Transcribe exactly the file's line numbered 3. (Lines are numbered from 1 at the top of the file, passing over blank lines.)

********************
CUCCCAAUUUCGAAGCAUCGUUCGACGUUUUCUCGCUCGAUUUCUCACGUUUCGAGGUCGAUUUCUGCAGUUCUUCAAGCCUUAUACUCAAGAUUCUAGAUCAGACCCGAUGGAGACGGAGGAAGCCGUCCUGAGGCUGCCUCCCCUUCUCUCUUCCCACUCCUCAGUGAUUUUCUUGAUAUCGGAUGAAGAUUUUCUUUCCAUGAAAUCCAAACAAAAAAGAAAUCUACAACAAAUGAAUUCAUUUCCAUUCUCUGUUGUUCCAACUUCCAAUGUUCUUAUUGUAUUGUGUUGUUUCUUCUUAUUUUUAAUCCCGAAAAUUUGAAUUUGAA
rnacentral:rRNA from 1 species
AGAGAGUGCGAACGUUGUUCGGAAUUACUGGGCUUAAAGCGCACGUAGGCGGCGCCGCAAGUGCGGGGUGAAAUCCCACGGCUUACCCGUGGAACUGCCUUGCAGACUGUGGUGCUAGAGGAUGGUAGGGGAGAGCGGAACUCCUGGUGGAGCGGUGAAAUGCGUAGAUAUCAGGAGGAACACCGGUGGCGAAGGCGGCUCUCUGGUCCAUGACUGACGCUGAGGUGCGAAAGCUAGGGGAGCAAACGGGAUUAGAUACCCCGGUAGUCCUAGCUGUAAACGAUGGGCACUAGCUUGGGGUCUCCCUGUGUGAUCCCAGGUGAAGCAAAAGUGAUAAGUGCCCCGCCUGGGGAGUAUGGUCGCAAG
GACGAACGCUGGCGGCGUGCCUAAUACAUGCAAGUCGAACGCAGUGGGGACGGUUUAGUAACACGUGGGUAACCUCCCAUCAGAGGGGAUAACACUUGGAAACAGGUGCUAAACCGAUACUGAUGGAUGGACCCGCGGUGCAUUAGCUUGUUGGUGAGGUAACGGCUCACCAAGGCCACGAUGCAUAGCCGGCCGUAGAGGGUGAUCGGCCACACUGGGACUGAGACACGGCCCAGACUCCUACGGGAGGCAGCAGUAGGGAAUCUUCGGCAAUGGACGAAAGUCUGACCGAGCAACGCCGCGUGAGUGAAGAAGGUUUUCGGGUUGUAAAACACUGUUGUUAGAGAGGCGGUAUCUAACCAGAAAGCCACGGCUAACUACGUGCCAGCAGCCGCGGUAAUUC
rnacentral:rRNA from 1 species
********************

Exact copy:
AGAGAGUGCGAACGUUGUUCGGAAUUACUGGGCUUAAAGCGCACGUAGGCGGCGCCGCAAGUGCGGGGUGAAAUCCCACGGCUUACCCGUGGAACUGCCUUGCAGACUGUGGUGCUAGAGGAUGGUAGGGGAGAGCGGAACUCCUGGUGGAGCGGUGAAAUGCGUAGAUAUCAGGAGGAACACCGGUGGCGAAGGCGGCUCUCUGGUCCAUGACUGACGCUGAGGUGCGAAAGCUAGGGGAGCAAACGGGAUUAGAUACCCCGGUAGUCCUAGCUGUAAACGAUGGGCACUAGCUUGGGGUCUCCCUGUGUGAUCCCAGGUGAAGCAAAAGUGAUAAGUGCCCCGCCUGGGGAGUAUGGUCGCAAG